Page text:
When you throw something out into the recycling bin you probably assume that the item is going to be recycled, maybe even turned into a park bench or a plastic container. Sometimes that is the case but other times, items don’t make it to the recycling process and get sent to landfill all thanks to contamination.
Thankfully, recycling contamination can easily be avoided! But to do that we first need to know what it is and why it is important.
What is Contamination?
If materials are sorted into the wrong bin (placing a plastic water bottle in the paper stream or a coffee cup in a recycling bin) contamination occurs and the whole bag goes to the landfill. Most of the time contamination is linked to “wish-cycling” which in theory is a good thing because we really (I mean really) wish that coffee cups could be recycled or hope they will find their way to where they should be, so we try and recycle it! Unfortunately, this contaminates the whole recycling bin, and everything in it gets taken to the landfill even though there are recyclable materials in that bin.
The other common type of contamination is when materials have traces of food waste on them (like that little bit of peanut butter on the bottom of the container that you just can’t reach with your finger, or is that just me?). A great example is paper smeared with food or grease. Contaminated paper cannot be processed with clean paper as the paper fibres will not separate from the oils at the recycling facilities.
Also, in a co-mingled recycling bin, if there is food waste on a container, it can transfer onto paper that is also in the bin, leading to cross-contamination. Cross-contamination can be best avoided by rinsing anything with food on it before recycling it!
Why is Contamination a Problem?
So, why does this matter to the future of recycling and why is it important to prevent contamination?
If there is too much contamination in a load of recycling, it becomes more difficult to separate the items that cannot be recycled from the ones that can so all the items get sent to the landfill. It is not entirely impossible to remove the contaminated materials, but it does cost more time and money to do so and because of that, those resources will be used elsewhere.
Most of our recyclable materials have value other than the obvious of benefiting the planet. Recycling gets sent to businesses that repurpose it to make recycled bottles, paper towel, etc. But if there is a contaminant present, that value is either decreased or eliminated, reducing the market value for recycling.
How to Fix the Contamination Problem?
The most effective way to reduce contamination is to clean your materials before recycling them and to understand where materials can be recycled. Of course, I won’t leave you hanging and hope you figure out how to recycle on your own, so let’s look at a couple of the more frequent contaminants found at UHN and learn together how to dispose of them!
- Coffee Cups: As much as I know we all wish these were recyclable (especially because coffee shops can’t accept our reusable mugs right now), they must be disposed of in the garbage. This is because of the thin plastic coating inside the cup which cannot be separated from the paper at our recycling facilities.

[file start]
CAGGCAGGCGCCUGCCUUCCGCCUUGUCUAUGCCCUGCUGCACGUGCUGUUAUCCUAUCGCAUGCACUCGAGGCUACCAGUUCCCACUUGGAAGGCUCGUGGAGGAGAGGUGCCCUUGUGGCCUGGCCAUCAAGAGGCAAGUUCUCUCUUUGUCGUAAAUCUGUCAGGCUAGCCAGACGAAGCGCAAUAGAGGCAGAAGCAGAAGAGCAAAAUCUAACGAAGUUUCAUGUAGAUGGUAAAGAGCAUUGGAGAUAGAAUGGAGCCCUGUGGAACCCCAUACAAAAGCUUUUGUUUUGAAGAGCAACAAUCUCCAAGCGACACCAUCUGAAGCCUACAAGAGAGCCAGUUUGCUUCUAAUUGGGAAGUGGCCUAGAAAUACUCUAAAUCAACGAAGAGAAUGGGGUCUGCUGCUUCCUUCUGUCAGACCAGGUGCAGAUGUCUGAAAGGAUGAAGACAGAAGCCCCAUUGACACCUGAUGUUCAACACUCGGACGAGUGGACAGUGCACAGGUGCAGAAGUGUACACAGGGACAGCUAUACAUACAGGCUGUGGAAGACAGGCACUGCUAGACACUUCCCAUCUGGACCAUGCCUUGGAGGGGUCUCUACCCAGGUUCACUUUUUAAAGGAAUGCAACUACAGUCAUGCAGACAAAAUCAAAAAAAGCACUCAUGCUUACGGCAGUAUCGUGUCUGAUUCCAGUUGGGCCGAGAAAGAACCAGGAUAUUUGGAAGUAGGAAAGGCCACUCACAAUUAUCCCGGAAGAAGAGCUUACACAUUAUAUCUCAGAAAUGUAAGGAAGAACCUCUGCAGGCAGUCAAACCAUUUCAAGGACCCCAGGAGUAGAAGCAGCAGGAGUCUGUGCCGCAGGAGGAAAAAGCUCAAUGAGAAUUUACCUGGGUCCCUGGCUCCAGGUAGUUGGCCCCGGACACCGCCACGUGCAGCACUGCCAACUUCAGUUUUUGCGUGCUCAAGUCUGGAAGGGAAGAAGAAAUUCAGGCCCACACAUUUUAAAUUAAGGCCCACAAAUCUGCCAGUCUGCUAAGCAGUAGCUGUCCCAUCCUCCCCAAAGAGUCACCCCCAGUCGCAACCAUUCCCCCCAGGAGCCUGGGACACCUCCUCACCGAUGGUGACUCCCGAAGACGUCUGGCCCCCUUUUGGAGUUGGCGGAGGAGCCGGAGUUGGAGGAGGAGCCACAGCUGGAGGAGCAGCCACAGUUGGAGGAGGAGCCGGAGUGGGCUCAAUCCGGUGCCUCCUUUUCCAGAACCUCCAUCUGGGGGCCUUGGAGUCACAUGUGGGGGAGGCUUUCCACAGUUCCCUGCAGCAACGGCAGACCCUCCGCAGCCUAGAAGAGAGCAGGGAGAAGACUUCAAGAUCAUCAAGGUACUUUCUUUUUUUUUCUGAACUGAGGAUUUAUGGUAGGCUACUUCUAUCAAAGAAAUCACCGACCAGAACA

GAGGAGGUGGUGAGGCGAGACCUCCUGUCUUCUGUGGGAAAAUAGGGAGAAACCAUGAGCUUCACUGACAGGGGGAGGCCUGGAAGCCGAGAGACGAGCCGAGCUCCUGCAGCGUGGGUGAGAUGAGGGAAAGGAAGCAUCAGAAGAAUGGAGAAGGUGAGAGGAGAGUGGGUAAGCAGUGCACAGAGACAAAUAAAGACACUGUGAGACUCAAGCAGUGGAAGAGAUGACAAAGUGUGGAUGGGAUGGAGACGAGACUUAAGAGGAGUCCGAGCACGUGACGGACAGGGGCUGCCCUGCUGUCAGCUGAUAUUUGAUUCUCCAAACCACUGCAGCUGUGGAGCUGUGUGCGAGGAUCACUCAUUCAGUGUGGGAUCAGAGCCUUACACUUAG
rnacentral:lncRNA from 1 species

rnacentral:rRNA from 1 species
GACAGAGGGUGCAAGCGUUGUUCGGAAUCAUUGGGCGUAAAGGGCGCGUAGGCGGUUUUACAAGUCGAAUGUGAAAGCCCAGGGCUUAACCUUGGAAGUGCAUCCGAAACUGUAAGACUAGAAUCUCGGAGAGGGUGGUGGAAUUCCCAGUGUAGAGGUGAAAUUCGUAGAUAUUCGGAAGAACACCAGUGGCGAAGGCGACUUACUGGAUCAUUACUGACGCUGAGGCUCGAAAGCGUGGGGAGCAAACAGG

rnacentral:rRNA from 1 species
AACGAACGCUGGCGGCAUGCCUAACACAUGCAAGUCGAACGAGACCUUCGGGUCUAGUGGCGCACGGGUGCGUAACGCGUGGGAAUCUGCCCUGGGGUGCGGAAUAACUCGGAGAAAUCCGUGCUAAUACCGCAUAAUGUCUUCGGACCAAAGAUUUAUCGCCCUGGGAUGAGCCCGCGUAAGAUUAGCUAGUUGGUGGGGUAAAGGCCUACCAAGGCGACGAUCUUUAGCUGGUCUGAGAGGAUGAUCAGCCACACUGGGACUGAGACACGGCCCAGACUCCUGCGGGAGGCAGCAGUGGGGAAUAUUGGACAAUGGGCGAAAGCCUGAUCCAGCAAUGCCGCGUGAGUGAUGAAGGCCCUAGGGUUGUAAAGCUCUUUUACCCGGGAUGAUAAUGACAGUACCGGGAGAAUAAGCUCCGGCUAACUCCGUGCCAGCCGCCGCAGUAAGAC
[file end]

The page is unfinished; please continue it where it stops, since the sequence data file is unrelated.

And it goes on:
- Paper towel and tissue: A great example of wish-cycling! We ‘wish’ or assume that paper towel and tissue can be recycled because the word paper is right in the name of the material. However, we can compost them which is even better than recycling as it eliminates the resources needed to break down recyclables and re-manufacture them!
- Soft plastics (grocery bags, Ziploc bags, produce bags): This one may come as a surprise to most of you like it did to me! At UHN, soft plastics must go in the garbage, unlike in the City of Toronto where they can be recycled. Make sure at home if you can recycle them, they are clean to prevent any contamination from occurring!
- Food waste and liquids: Once again, composting comes into play! All liquids must go into the sink and any food waste can go into the compost! But any recyclables covered in food (i.e., yogurt containers, take-out containers, etc.) most likely will be sent straight to the landfill. To reduce this possibility, quickly rinse out the materials and recycle them in the proper bin!
- PPE (masks, gloves, face shields): This one is a relatively “new” contaminant for some of us but probably one of the more important ones considering how often they are used. Understandably, it can be confusing to know where to dispose of face masks because of the blue material they consist of. But, like the gloves and face shields, masks are garbage, or they will contaminate the other streams.
Learning about where materials go and understanding why will help to divert recyclable materials from entering our landfills and prevent contamination. Eventually overtime, like everything else, recycling will become second nature for you and you will become a recycling expert, giving your recyclables the best chance at a second life! When done correctly, not only are you helping those that handle the recyclables, but also you are helping the planet and who doesn’t love that!
If you want to learn about the different sorting rules at UHN and in your city, consider checking out these direct links:
- At UHN: Corporate Intranet > Departments > Energy & Environment > Recycling, Compost, Garbage: Sorting Waste @UHN
- City of Toronto: https://www.toronto.ca/services-payments/recycling-organics-garbage/
- Peel Region: https://www.peelregion.ca/waste/